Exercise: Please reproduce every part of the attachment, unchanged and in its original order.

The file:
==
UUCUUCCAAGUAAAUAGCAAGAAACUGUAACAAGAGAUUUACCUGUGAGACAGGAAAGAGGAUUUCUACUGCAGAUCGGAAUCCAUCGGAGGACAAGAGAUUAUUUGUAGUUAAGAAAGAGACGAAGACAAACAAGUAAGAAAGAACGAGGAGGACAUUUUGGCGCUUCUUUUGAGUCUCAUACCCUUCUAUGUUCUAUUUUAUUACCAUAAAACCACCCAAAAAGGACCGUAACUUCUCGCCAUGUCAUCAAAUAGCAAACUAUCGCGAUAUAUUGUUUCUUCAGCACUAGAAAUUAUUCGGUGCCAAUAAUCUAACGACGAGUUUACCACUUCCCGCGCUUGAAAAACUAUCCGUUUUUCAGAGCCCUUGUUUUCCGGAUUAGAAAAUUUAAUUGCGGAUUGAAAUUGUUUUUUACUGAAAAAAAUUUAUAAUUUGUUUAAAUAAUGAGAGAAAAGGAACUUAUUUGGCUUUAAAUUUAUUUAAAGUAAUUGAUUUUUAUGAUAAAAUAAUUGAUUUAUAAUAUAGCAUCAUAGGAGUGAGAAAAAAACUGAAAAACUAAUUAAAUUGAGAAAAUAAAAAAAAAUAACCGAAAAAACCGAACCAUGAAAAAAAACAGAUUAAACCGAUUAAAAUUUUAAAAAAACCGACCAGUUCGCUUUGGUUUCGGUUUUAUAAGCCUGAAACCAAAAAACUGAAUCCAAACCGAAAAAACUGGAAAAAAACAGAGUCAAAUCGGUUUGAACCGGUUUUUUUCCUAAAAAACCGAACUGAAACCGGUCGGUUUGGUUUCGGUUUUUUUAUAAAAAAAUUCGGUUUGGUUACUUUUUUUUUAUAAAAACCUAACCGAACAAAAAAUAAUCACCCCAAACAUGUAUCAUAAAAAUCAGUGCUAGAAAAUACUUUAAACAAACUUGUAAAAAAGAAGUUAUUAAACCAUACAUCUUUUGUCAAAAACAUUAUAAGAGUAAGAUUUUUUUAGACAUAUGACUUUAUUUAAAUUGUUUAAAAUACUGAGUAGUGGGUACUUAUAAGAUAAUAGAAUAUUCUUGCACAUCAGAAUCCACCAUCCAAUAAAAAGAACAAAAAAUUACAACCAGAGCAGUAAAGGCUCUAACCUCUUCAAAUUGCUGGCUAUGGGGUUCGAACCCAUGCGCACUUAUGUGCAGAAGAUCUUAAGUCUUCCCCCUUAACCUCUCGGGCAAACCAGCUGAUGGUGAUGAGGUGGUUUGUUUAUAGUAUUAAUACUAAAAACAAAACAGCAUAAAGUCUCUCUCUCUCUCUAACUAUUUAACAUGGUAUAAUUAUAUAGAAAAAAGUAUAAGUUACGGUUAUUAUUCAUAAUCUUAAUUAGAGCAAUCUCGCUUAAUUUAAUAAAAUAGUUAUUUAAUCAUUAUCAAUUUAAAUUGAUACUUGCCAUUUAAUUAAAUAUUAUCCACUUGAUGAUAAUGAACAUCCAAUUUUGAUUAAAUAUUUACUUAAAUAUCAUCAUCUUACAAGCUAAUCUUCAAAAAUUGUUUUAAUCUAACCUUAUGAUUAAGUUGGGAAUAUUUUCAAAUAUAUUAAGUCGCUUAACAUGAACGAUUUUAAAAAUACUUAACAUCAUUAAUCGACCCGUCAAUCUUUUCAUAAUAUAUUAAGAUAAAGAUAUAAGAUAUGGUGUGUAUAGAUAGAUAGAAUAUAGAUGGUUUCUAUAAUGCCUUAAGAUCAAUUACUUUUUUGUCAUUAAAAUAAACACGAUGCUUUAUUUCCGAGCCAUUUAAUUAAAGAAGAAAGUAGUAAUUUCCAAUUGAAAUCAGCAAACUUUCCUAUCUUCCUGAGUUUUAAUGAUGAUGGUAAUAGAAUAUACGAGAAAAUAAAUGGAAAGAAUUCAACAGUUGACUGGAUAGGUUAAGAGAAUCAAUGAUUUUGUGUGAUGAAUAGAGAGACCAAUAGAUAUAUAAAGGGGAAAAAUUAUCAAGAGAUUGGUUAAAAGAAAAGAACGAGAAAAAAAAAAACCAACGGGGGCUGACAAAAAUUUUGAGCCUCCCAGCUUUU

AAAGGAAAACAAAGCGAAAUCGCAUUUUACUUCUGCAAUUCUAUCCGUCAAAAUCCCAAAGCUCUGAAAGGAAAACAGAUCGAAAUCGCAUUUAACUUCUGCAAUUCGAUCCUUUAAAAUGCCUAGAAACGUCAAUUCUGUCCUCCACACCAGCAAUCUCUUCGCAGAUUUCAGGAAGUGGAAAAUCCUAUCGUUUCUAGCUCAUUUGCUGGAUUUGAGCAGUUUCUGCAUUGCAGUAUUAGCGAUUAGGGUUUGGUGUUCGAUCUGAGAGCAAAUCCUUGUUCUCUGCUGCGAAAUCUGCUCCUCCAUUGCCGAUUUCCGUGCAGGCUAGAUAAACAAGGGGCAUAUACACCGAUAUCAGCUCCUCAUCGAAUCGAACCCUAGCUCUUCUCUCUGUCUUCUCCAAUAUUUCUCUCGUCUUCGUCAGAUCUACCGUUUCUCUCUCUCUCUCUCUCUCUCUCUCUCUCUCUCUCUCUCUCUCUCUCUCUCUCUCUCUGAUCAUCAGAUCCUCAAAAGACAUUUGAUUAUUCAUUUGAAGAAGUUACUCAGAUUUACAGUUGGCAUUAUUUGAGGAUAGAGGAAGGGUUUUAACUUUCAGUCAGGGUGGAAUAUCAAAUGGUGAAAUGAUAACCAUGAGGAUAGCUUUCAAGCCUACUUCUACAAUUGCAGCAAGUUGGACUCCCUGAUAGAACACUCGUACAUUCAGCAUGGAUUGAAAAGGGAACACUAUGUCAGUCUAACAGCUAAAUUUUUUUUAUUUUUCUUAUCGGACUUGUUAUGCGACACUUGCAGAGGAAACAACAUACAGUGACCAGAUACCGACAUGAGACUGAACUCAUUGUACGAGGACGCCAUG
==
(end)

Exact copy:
UUCUUCCAAGUAAAUAGCAAGAAACUGUAACAAGAGAUUUACCUGUGAGACAGGAAAGAGGAUUUCUACUGCAGAUCGGAAUCCAUCGGAGGACAAGAGAUUAUUUGUAGUUAAGAAAGAGACGAAGACAAACAAGUAAGAAAGAACGAGGAGGACAUUUUGGCGCUUCUUUUGAGUCUCAUACCCUUCUAUGUUCUAUUUUAUUACCAUAAAACCACCCAAAAAGGACCGUAACUUCUCGCCAUGUCAUCAAAUAGCAAACUAUCGCGAUAUAUUGUUUCUUCAGCACUAGAAAUUAUUCGGUGCCAAUAAUCUAACGACGAGUUUACCACUUCCCGCGCUUGAAAAACUAUCCGUUUUUCAGAGCCCUUGUUUUCCGGAUUAGAAAAUUUAAUUGCGGAUUGAAAUUGUUUUUUACUGAAAAAAAUUUAUAAUUUGUUUAAAUAAUGAGAGAAAAGGAACUUAUUUGGCUUUAAAUUUAUUUAAAGUAAUUGAUUUUUAUGAUAAAAUAAUUGAUUUAUAAUAUAGCAUCAUAGGAGUGAGAAAAAAACUGAAAAACUAAUUAAAUUGAGAAAAUAAAAAAAAAUAACCGAAAAAACCGAACCAUGAAAAAAAACAGAUUAAACCGAUUAAAAUUUUAAAAAAACCGACCAGUUCGCUUUGGUUUCGGUUUUAUAAGCCUGAAACCAAAAAACUGAAUCCAAACCGAAAAAACUGGAAAAAAACAGAGUCAAAUCGGUUUGAACCGGUUUUUUUCCUAAAAAACCGAACUGAAACCGGUCGGUUUGGUUUCGGUUUUUUUAUAAAAAAAUUCGGUUUGGUUACUUUUUUUUUAUAAAAACCUAACCGAACAAAAAAUAAUCACCCCAAACAUGUAUCAUAAAAAUCAGUGCUAGAAAAUACUUUAAACAAACUUGUAAAAAAGAAGUUAUUAAACCAUACAUCUUUUGUCAAAAACAUUAUAAGAGUAAGAUUUUUUUAGACAUAUGACUUUAUUUAAAUUGUUUAAAAUACUGAGUAGUGGGUACUUAUAAGAUAAUAGAAUAUUCUUGCACAUCAGAAUCCACCAUCCAAUAAAAAGAACAAAAAAUUACAACCAGAGCAGUAAAGGCUCUAACCUCUUCAAAUUGCUGGCUAUGGGGUUCGAACCCAUGCGCACUUAUGUGCAGAAGAUCUUAAGUCUUCCCCCUUAACCUCUCGGGCAAACCAGCUGAUGGUGAUGAGGUGGUUUGUUUAUAGUAUUAAUACUAAAAACAAAACAGCAUAAAGUCUCUCUCUCUCUCUAACUAUUUAACAUGGUAUAAUUAUAUAGAAAAAAGUAUAAGUUACGGUUAUUAUUCAUAAUCUUAAUUAGAGCAAUCUCGCUUAAUUUAAUAAAAUAGUUAUUUAAUCAUUAUCAAUUUAAAUUGAUACUUGCCAUUUAAUUAAAUAUUAUCCACUUGAUGAUAAUGAACAUCCAAUUUUGAUUAAAUAUUUACUUAAAUAUCAUCAUCUUACAAGCUAAUCUUCAAAAAUUGUUUUAAUCUAACCUUAUGAUUAAGUUGGGAAUAUUUUCAAAUAUAUUAAGUCGCUUAACAUGAACGAUUUUAAAAAUACUUAACAUCAUUAAUCGACCCGUCAAUCUUUUCAUAAUAUAUUAAGAUAAAGAUAUAAGAUAUGGUGUGUAUAGAUAGAUAGAAUAUAGAUGGUUUCUAUAAUGCCUUAAGAUCAAUUACUUUUUUGUCAUUAAAAUAAACACGAUGCUUUAUUUCCGAGCCAUUUAAUUAAAGAAGAAAGUAGUAAUUUCCAAUUGAAAUCAGCAAACUUUCCUAUCUUCCUGAGUUUUAAUGAUGAUGGUAAUAGAAUAUACGAGAAAAUAAAUGGAAAGAAUUCAACAGUUGACUGGAUAGGUUAAGAGAAUCAAUGAUUUUGUGUGAUGAAUAGAGAGACCAAUAGAUAUAUAAAGGGGAAAAAUUAUCAAGAGAUUGGUUAAAAGAAAAGAACGAGAAAAAAAAAAACCAACGGGGGCUGACAAAAAUUUUGAGCCUCCCAGCUUUU

AAAGGAAAACAAAGCGAAAUCGCAUUUUACUUCUGCAAUUCUAUCCGUCAAAAUCCCAAAGCUCUGAAAGGAAAACAGAUCGAAAUCGCAUUUAACUUCUGCAAUUCGAUCCUUUAAAAUGCCUAGAAACGUCAAUUCUGUCCUCCACACCAGCAAUCUCUUCGCAGAUUUCAGGAAGUGGAAAAUCCUAUCGUUUCUAGCUCAUUUGCUGGAUUUGAGCAGUUUCUGCAUUGCAGUAUUAGCGAUUAGGGUUUGGUGUUCGAUCUGAGAGCAAAUCCUUGUUCUCUGCUGCGAAAUCUGCUCCUCCAUUGCCGAUUUCCGUGCAGGCUAGAUAAACAAGGGGCAUAUACACCGAUAUCAGCUCCUCAUCGAAUCGAACCCUAGCUCUUCUCUCUGUCUUCUCCAAUAUUUCUCUCGUCUUCGUCAGAUCUACCGUUUCUCUCUCUCUCUCUCUCUCUCUCUCUCUCUCUCUCUCUCUCUCUCUCUCUCUCUCUCUGAUCAUCAGAUCCUCAAAAGACAUUUGAUUAUUCAUUUGAAGAAGUUACUCAGAUUUACAGUUGGCAUUAUUUGAGGAUAGAGGAAGGGUUUUAACUUUCAGUCAGGGUGGAAUAUCAAAUGGUGAAAUGAUAACCAUGAGGAUAGCUUUCAAGCCUACUUCUACAAUUGCAGCAAGUUGGACUCCCUGAUAGAACACUCGUACAUUCAGCAUGGAUUGAAAAGGGAACACUAUGUCAGUCUAACAGCUAAAUUUUUUUUAUUUUUCUUAUCGGACUUGUUAUGCGACACUUGCAGAGGAAACAACAUACAGUGACCAGAUACCGACAUGAGACUGAACUCAUUGUACGAGGACGCCAUG